Tag: Greenhouse gasses

Should Electric Vehicles Be Illinois’ Future?

Should Electric Vehicles be Illinois’ Future?

By: Jacob Regan

While electric vehicles play a vital role in Illinois’ future, upgrading public transportation is essential to creating a greener Illinois. As the new year begins, expect to see electric vehicles become a more prominent part of everyday life. The number of people using electric vehicles is rising: in November 2017, Illinois had an electric vehicle count of 8031[1]; at the end of last year, that number was 57311.[2] On the political side, Senators Dick Durbin and Tammy Duckworth secured $8.215 million for statewide programs for electric buses, charging infrastructure, and electric paratransit vehicles.[3] This money is also to be used for electric vehicle readiness programs across the state.[4]

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How the Northeast’s Push for Hydroelectric Power Demonstrates the Challenges and Future Considerations for Renewable Energy

The United States’ continued build out of renewable energy, is giving rise to tensions between competing environmental interests.[1] One such conflict is between constructing more renewable energy infrastructure and the ecological damage that comes with it.[2]

Renewable energy is needed more now than ever as the U.S. continues to rely heavily on fossil fuels.[3] Most domestic greenhouse gas emissions are still caused by burning coal, natural gas, and hydrocarbons.[4] Despite a seven percent drop in global carbon dioxide emissions in 2020 due primarily to the COVID-19 pandemic limiting transportation emissions, these numbers figure to rise again as pandemic restrictions are lifted and travel resumes.[5] Switching from fossil fuels to renewable energy will mitigate water and air pollution, excessive water and land use, ecological loss, public health concerns, and climate change.[6]

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Tongass National Forest

Trump Administration Moves to Open More Public Land to Industry in Tongass National Forest Proposal

The state of Alaska’s 2018 request to exempt Tongass National Forest from environmental protections has cleared a major step in its evaluation process.[1]  The U. S. Forest Service released a study indicating that loosening protections would not have significant impacts on Tongass, though environmental advocates are skeptical of its conclusions.[2] The Service’s Final Environmental Impact Statement considered several alternatives, but ultimately recommended a full exemption to the Roadless Rule for Tongass.[3]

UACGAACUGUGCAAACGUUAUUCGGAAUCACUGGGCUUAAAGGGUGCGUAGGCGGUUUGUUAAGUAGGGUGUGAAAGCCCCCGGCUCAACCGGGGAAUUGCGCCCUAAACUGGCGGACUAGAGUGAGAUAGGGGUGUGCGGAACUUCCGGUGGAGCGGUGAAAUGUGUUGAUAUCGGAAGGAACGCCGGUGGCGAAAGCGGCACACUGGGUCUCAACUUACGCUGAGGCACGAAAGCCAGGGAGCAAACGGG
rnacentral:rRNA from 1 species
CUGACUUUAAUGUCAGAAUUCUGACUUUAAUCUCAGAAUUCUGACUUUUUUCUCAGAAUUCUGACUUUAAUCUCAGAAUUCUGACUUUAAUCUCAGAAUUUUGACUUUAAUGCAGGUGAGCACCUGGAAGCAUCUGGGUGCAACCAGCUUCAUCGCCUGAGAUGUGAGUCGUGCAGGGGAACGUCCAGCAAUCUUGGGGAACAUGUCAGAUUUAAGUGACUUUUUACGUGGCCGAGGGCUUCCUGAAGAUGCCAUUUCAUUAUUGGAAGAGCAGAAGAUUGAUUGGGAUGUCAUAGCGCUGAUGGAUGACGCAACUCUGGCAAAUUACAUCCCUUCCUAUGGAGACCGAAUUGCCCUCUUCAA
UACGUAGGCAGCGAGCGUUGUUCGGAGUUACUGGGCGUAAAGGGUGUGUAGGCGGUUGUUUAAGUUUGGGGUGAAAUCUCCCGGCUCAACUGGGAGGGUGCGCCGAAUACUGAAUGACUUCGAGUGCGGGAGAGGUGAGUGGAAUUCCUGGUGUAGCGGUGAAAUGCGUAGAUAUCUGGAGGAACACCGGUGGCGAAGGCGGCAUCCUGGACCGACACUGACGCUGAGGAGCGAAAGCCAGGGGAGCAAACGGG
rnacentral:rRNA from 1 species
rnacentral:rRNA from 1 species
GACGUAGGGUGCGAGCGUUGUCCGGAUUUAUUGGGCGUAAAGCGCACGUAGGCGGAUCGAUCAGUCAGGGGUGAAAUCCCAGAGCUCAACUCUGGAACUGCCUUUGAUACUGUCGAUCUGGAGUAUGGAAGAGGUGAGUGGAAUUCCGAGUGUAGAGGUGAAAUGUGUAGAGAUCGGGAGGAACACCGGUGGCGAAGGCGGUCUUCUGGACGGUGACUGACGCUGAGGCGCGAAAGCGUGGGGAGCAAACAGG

Seeking Exemption to the Roadless Rule, a Clinton-Era Protection of National Forests  

National Forest System lands are protected by the 2001 Roadless Rule, which “establishes prohibitions on road construction, road reconstruction, and timber harvesting on 58.5 million acres” of public land.[4] After weighing national policy concerns against giving discretion to local decisionmakers, the final rule was adopted in 2001 with the intention of providing lasting protection.[5] It concluded that local exemptions to nationwide protections could have significant negative impacts on lands subject to roadless protections.[6] The rule therefore opted for complete protection of 58.5 million acres of “roadless” areas, comprising just two percent of the United States’ continental landmass.[7] Successive Alaskan administrations, however, have pushed for Roadless Rule exemptions, and the current proposal would open 9 million of Tongass’ 16 million acres to commercial activity.[8]

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Bipartisan Bill Clears Greenhouse Gas Emissions Hurdle on Hydrofluorocarbon Reduction

Republican and Democratic lawmakers have been negotiating a proposal within a senate energy bill that would result in an 85% cut to hydrofluorocarbon greenhouse gas emissions by 2035.[1] Hydrofluorocarbons (HFCs) are commonly used in refrigeration, air-conditioning, building insulation, fire extinguishing systems, and aerosols.[2] The American Energy Innovation Act (AEIA) is a bipartisan energy innovation bill targeting investment in clean energy technologies.[3] The bill’s proposed HFC amendment is a legislative response a 2017 federal court ruling striking down 2015 EPA regulations on HFCs.[4]

Despite general bipartisan support, the bill encountered hurdles related to HFC reduction and failed to move forward in March.[5]  The addition of HFC provisions to the AEIA resulted in contentious negotiations that stalled the bill, but a bipartisan agreement was reached on September 10.[6]  The HFCs amendment to the AEIA authorizes a 15-year, 85% phasedown of HFCs[7] and addresses a myriad of concerns voiced during negotiation, such as exemptions for HFC “essential uses” and the creation of 150,000 jobs through alternative manufacturing.[8]

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